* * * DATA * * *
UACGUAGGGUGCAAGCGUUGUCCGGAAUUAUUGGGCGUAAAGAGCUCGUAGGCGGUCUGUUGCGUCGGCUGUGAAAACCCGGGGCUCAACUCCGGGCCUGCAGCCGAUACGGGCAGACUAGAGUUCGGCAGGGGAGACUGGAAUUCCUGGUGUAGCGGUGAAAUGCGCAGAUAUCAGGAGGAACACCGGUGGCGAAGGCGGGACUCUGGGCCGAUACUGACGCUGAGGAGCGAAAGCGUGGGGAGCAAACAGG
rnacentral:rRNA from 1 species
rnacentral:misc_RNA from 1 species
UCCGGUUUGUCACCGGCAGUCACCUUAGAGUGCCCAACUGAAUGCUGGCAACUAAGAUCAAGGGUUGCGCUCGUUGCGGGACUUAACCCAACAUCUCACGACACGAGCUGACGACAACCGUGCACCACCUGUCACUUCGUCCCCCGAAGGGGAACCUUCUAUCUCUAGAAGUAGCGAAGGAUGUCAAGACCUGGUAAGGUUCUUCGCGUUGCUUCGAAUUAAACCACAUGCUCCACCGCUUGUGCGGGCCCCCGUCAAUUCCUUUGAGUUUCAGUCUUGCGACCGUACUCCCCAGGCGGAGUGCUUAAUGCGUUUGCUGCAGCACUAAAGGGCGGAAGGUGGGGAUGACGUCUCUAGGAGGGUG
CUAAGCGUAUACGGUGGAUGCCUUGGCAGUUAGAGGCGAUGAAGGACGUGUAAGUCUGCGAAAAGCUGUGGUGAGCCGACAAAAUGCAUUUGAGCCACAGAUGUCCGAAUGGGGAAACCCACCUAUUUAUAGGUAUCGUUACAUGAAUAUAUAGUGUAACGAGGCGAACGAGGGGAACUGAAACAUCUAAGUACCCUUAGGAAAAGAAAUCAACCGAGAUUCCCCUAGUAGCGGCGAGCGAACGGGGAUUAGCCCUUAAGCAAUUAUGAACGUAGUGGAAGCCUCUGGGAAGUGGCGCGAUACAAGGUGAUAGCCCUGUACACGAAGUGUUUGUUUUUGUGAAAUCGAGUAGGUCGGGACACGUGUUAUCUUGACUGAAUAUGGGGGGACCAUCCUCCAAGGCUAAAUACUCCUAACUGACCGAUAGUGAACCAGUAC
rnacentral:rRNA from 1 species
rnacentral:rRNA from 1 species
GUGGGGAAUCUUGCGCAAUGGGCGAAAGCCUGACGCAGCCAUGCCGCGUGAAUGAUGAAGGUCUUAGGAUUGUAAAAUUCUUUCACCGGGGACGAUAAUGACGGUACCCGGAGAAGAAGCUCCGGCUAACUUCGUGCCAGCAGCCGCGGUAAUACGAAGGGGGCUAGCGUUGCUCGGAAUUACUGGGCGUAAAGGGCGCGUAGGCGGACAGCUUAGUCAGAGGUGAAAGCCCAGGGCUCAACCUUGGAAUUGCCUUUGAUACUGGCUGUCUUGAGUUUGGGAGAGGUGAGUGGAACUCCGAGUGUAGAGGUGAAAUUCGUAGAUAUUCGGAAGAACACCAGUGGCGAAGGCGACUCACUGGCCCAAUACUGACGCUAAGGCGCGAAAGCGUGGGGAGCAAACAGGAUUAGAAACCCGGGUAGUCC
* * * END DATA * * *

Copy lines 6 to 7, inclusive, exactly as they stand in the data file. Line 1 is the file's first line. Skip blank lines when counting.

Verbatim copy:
rnacentral:rRNA from 1 species
rnacentral:rRNA from 1 species